So it begins…
Well, began. Over three months ago.
My intentions had been to share regular updates of field life from beginning to end, but best laid plans, choosing a provider, host, fiddling with themes and a layout (which I am still not happy with), yada, yada, yada, excuse-ad-nauseaum. It didn’t happen.
So, I’m a little late.
I’ll give a quick briefing on what has happened SINCE we began March 31, 2014.
We began trawling (Link Coming) in March. We had three trawls per day plus 2 bag seine sites. Within a week, after major snafus with the bag seines which included 1.) getting the boat stuck on falling tides, twice 2.) finding the nets utterly inaccessible after tides had dropped 3.) Setting nets were inconsistent (Link Coming).
Between lousy weather, one busted trawl frame (we’ve named the oyster bed that it the ‘Mount Trawl Chewer’), and too many electrical issues with the boat we went well over our allotted time for getting it done. We DID catch lots of fish (check out catch of the day to see some of them). We finished round one in mid May.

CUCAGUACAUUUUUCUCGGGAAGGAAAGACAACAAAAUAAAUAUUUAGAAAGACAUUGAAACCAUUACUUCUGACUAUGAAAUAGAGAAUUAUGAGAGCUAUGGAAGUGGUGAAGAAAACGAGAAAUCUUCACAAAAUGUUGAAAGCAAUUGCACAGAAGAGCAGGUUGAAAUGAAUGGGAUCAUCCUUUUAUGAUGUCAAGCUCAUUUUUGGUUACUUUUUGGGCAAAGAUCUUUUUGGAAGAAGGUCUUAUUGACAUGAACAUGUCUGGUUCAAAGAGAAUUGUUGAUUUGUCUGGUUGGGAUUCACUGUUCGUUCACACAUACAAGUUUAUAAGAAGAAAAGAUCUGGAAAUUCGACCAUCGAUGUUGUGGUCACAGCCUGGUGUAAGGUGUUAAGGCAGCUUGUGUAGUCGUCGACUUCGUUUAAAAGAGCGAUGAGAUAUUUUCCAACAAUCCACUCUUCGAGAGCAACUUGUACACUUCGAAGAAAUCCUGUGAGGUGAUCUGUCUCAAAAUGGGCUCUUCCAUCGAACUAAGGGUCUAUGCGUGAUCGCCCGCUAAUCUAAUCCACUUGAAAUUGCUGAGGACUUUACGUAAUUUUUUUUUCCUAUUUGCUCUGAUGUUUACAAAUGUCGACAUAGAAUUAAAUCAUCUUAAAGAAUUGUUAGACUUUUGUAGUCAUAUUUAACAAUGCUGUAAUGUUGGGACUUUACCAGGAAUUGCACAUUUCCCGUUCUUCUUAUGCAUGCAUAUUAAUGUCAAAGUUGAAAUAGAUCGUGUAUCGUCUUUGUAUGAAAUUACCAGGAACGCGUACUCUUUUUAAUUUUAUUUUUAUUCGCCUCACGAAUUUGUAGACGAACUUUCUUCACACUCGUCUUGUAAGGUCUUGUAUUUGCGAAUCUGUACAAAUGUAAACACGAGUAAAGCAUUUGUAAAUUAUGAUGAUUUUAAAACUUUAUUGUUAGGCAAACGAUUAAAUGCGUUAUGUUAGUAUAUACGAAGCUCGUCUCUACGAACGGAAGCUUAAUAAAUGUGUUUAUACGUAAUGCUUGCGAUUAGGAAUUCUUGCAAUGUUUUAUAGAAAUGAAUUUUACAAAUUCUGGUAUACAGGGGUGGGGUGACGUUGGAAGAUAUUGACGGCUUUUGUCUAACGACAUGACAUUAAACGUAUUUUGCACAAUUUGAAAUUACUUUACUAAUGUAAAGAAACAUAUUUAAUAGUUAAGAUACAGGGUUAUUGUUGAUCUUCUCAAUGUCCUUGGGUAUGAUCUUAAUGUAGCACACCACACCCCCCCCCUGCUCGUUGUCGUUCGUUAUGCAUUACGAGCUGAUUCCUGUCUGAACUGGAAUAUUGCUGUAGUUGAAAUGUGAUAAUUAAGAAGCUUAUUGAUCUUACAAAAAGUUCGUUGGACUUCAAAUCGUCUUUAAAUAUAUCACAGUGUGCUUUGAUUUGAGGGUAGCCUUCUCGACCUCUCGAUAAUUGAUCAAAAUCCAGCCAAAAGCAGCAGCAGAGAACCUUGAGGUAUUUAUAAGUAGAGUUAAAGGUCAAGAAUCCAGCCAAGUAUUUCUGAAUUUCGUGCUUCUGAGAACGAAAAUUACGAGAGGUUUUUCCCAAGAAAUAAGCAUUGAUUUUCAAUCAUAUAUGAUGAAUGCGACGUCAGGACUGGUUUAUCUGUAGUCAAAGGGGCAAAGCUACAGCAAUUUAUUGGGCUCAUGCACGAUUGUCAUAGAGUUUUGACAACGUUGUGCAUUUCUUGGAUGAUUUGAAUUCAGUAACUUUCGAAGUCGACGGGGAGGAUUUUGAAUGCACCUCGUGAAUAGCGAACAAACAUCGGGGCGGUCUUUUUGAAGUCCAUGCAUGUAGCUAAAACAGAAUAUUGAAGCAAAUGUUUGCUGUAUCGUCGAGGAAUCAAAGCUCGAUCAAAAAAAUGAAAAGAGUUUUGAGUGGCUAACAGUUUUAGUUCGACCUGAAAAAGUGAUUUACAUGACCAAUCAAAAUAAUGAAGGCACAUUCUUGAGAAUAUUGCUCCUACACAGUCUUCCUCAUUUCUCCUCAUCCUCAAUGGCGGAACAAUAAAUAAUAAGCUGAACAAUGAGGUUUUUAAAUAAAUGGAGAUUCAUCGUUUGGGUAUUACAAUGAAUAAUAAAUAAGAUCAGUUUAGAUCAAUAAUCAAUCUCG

In May, I presented at the Garden Club of America’s National Annual Meeting, and met some wonderful women there that proved to me that it isn’t just us sciencey types worried about the future of our natural resources with sea level rise and climate change.
At the end of May, we went to Sapelo Island and put the bag seines to good use on ‘feeder creeks’ that line Dean Creek. My hopes is that I can get some idea of what in site variability (Link Coming) looks like between days and between two sites that are relatively close together in the same system. It was thrilling, muddy, and sometimes painful work (did you know that blue crabs have both a crushing and a slicing claw? The slicing claw is really effective on the tips of your fingers).
In the second week of June we began our second round of sampling (trawling). Once more, we have been plagued by electrical issues with our boat. We are seeing different fish, though, as new spawning events are occurring. And of course, a lot more boaters on the water also has made life a little more difficult. As of now, we are still on schedule.